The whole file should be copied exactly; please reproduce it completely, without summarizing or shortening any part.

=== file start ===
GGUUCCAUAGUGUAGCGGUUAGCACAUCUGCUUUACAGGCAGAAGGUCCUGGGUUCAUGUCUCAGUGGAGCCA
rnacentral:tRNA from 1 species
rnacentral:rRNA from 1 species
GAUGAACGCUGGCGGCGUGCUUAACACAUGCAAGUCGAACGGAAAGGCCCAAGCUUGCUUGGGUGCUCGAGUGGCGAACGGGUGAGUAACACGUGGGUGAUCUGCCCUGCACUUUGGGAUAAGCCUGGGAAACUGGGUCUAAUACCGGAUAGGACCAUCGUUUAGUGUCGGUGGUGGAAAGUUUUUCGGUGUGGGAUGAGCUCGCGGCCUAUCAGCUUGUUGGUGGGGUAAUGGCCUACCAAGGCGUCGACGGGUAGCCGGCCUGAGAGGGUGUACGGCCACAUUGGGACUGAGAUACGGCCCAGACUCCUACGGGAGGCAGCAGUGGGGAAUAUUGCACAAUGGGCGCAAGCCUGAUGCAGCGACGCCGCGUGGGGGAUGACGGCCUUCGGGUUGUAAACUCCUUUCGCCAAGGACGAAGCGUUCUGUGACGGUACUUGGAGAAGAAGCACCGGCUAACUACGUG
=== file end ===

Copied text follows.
GGUUCCAUAGUGUAGCGGUUAGCACAUCUGCUUUACAGGCAGAAGGUCCUGGGUUCAUGUCUCAGUGGAGCCA
rnacentral:tRNA from 1 species
rnacentral:rRNA from 1 species
GAUGAACGCUGGCGGCGUGCUUAACACAUGCAAGUCGAACGGAAAGGCCCAAGCUUGCUUGGGUGCUCGAGUGGCGAACGGGUGAGUAACACGUGGGUGAUCUGCCCUGCACUUUGGGAUAAGCCUGGGAAACUGGGUCUAAUACCGGAUAGGACCAUCGUUUAGUGUCGGUGGUGGAAAGUUUUUCGGUGUGGGAUGAGCUCGCGGCCUAUCAGCUUGUUGGUGGGGUAAUGGCCUACCAAGGCGUCGACGGGUAGCCGGCCUGAGAGGGUGUACGGCCACAUUGGGACUGAGAUACGGCCCAGACUCCUACGGGAGGCAGCAGUGGGGAAUAUUGCACAAUGGGCGCAAGCCUGAUGCAGCGACGCCGCGUGGGGGAUGACGGCCUUCGGGUUGUAAACUCCUUUCGCCAAGGACGAAGCGUUCUGUGACGGUACUUGGAGAAGAAGCACCGGCUAACUACGUG